Tracking Asthma Symptoms: Key to Control

Tracking and rating your asthma symptoms are key to successful treatment.

From the WebMD Archives

Asthma symptoms are like the weather -- they change often and may seem unpredictable. But also like the weather, careful tracking of asthma symptoms can help identify patterns and what they may say about your asthma control.

Research has shown that tracking and rating your asthma symptoms are key steps in successfully managing asthma. One study even found that it helps keep kids with childhood asthma out of the emergency room.

Most asthma action plans track your “peak flow” (measured by a portable, hand-held meter used at home to gauge asthma severity). Based on “peak flow” results, the plans divide how you’re feeling into green, yellow, and red zones.

  • Green is optimal -- at your goal and nearly free of asthma symptoms.
  • Yellow means that you’ve had some increase in symptoms, a decrease in lung function, and your asthma control is worsening. You’ll need to adjust your medications.
  • Red indicates that your asthma is not under control and your medications are failing to control your symptoms. You’ll need to use medications to help open the airways and get your peak flow measures back to the yellow and green zones. The red zone may signal that emergency care is needed.

Along with your peak flow measures, here are some of the asthma symptoms you should be tracking daily -- or helping your child track if they have childhood asthma:

Take note of when these symptoms occur and what triggers you were exposed to. Also note what asthma medications you took and how your asthma symptoms responded. And keep in mind that these asthma action plans should be personalized for you or your child. You shouldn’t be comparing your asthma symptoms with someone else’s.

“Everybody coughs, everybody wheezes,” says Shirley Joo, MD, an asthma specialist at Washington University of St. Louis School of Medicine. “But the levels vary by patient, and there’s an expected range based on a lot of factors and tests that we do in the office. You’re striving for your personal best.”

Continued

Even if you’re not actually coughing or wheezing, it’s also important to note if you can’t be as physically active as you’d like. If your child has asthma, you may have to watch this carefully.

“Kids, of course, will not come to their parents and say that they think their asthma feels worse, so look at their activity level,” says Joo. “Are they playing as much as usual, or are they sitting on the sidelines or coming in earlier than they used to?” Children should be able to go as fast as they want. When they can’t keep up with their friends, that’s an indicator that doctors should take a look at how well their asthma is controlled.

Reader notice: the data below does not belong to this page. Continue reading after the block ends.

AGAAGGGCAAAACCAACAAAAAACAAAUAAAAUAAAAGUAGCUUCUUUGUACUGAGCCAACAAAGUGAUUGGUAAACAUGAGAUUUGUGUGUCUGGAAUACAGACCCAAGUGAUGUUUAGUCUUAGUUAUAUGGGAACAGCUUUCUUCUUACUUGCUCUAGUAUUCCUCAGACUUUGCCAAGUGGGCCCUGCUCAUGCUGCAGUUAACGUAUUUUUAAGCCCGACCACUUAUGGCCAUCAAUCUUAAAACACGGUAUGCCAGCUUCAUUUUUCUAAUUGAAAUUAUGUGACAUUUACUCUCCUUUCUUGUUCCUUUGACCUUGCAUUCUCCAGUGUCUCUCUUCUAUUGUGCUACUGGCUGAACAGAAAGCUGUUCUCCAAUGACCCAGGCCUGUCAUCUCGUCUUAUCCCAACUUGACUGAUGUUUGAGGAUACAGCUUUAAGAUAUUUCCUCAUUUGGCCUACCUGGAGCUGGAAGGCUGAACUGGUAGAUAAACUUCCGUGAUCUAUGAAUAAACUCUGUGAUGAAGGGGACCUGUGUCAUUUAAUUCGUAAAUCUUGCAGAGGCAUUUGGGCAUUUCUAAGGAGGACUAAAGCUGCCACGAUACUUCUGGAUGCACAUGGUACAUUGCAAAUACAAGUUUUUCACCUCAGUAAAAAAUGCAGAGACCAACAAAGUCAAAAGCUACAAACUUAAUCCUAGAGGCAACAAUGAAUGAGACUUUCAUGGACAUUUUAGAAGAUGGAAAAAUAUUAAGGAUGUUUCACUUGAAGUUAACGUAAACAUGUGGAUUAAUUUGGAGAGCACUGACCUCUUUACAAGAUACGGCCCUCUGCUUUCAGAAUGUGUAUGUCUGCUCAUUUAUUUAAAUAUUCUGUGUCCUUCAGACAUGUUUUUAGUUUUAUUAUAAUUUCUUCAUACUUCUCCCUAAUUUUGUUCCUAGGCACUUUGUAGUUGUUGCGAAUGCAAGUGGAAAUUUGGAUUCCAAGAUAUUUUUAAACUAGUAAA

The need to use an inhaler is another important sign that asthma is not under control. It’s a common misconception that using an inhaler is a normal part of daily life with asthma; doctors call it a “rescue inhaler” for a reason.

“The goal is never to use it,” says Joo. “If you have good controlling medications and are minimizing your exposure to allergens, you shouldn’t be using your inhaler on a regular basis. If you’re using it every day, that’s an indicator to the doctor that you might need an increase in your controlling medications.”

Tracking asthma symptoms isn’t only a daytime task. Nighttime symptoms should be tracked, too. Nighttime coughing, in particular, can indicate that asthma is not well controlled.

If you’re not sure whether or not a symptom is related to your asthma, take note of it and ask. And if you’re having trouble with the side effects of an asthma medication, make note of that, too. Don’t just stop taking your asthma medication or cut down on the dosage. “Everyone should feel comfortable communicating their symptoms to their doctor,” says Joo.

All this may sound daunting, but it doesn’t have to be. There are a number of tools available to help you track asthma symptoms and peak flow, and figure out if you’re in the green, yellow, or red zone.

These simple tools help you work with your doctor to catch flare-ups before they get out of hand. “Putting out a small brush fire is better than a big forest fire,” says Joo. “If you’re going from the green to the yellow zone, it’s an indicator that there’s probably inflammation. If we wait too long to control it, it may take longer to quiet that flare-up down. Ultimately, the goal is to take charge of your asthma!”

WebMD Feature Reviewed by Brunilda Nazario, MD on September 22, 2008

Sources

SOURCES: Shirley Joo, MD, instructor in medicine, Washington University of St. Louis School of Medicine, St. Louis.  Bhogal, S. “Written action plans for asthma in children (Review),” The Cochrane Database of Systematic Reviews 2006, Issue 3.

© 2007 WebMD, Inc. All rights reserved.

Pagination